By JOHN T. WARD
Sixty-nine new apartments would be built on the edge of downtown Red Bank if two projects pending before the planning and zoning boards win approval.
One would replace a building that holds a place in rock ‘n roll history as the home of Big Man’s West, a club owned by late saxophonist Clarence Clemons.
A 10-unit apartment building, shown below, would replace the Victorian structure at 63 Riverside Avenue, above. (Photo by John T. Ward; renderings by SOME Architects and Phillip J. Bowers & Company. Click to enlarge.)
• Michael Salerno, who owns the office building at 121 Monmouth Street through a limited liability company, plans to knock down that structure and several others on Monmouth, Pearl and Oakland streets for his nameless 59-unit project.
Among the buildings to be demolished is 129 Monmouth, a long-vacant address that Clemons, then the sax player with Bruce Springsteen and the E Street Band, turned into a rock mecca in the early 1980s. [See related story.]
Salerno’s plan, filed with the borough September 23, would put 59 rental units and 2,000 square feet of commercial “incubator” space on several lots extending from Monmouth to Oakland streets between the Red Bank Charter School and Pearl Street.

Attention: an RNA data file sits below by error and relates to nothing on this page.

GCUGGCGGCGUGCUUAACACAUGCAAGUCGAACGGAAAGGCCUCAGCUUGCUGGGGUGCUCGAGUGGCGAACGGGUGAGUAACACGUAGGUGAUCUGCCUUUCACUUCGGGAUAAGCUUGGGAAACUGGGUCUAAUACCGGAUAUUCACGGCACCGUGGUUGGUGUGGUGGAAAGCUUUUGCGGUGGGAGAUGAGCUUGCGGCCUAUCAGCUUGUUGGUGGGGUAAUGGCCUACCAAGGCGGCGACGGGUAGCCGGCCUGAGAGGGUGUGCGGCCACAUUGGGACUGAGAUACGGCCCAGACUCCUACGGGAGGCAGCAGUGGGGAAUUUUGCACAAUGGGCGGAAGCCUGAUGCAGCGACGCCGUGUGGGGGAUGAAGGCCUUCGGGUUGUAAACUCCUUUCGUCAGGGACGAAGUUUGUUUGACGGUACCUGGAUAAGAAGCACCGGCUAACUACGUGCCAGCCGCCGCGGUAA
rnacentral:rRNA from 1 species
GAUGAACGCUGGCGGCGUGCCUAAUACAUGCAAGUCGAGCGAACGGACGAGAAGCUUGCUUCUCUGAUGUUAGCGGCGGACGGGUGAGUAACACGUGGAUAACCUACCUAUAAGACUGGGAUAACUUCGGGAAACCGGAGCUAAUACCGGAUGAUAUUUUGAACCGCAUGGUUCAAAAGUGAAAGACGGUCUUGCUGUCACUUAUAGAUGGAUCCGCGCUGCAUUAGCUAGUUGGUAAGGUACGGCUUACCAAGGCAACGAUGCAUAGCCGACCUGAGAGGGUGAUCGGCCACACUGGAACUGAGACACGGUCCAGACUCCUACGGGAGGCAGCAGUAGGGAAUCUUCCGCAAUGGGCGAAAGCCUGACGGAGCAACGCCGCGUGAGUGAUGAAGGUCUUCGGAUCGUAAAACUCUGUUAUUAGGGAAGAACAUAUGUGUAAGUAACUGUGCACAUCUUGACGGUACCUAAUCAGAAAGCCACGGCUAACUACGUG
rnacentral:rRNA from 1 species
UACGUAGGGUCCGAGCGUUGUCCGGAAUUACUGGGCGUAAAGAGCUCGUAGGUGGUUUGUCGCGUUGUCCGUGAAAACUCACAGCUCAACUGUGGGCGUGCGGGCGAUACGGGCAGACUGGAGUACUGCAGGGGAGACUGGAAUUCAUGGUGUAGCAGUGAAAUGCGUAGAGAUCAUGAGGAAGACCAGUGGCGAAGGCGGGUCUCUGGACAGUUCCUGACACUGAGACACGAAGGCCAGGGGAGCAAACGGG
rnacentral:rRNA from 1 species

The site does not include the building at the southwest corner of Monmouth and Pearl that now houses the Pearl Street Consignment and Custom Clothes and an adjoining laundromat. It also excludes 40-42 Oakland Street, a two-family house just east of the school.
As a result, the combined sites created an irregular shape with two portions abutting for just 24 feet.
The portion with the largest frontage, on Monmouth Street, would see construction of a five-story building with 52 units just steps from the Count Basie Center for the Arts. The units would range from “studio/efficiency” apartments up to two-bedrooms, the application says.
A seven-unit, two-and-a-half story building would replace a house at the northwest corner of Oakland and Pearl streets, according to the filing.
Nine of the units would be set aside as affordable under state guidelines, according to the plan.
Significantly, given the proximity of the Basie, Salerno’s plan also calls for 97 parking onsite spaces, on two levels, one of them underground, including 8 for commercial users.
The properties are all in the BR-1 and BR-2 business-residential zones, which permit multifamily housing.
The project needs zoning board approvals. No hearing date has yet been set.
Here’s the application: 121 Monmouth Street 13489 Denial
One of the structures to be demolished is a Victorian former residence that serves as the home to the Marks & Klein law firm and other tenants at 63 Riverside Avenue. The other is a two-family home on the abutting property on Allen Place. Garages on Riverside Avenue would also be razed.
Bowers’ plan calls for four two-bedroom and six one-bedroom apartments “with parking and partial basements,” according the September 25 application filed with the borough.
The project needs an OK from the planning board, which has not yet scheduled a hearing. The properties are all in the BR-1 zone.
Headed by John Bowers, the company owns the Shrewsbury Manor apartments on the opposite side of the Riverside Avenue and numerous commercial properties in town, including the City Centre strip mall at West Front Street and Maple Avenue.
Here’s the application: Riverside Avenue and Allen Place 13492 Denial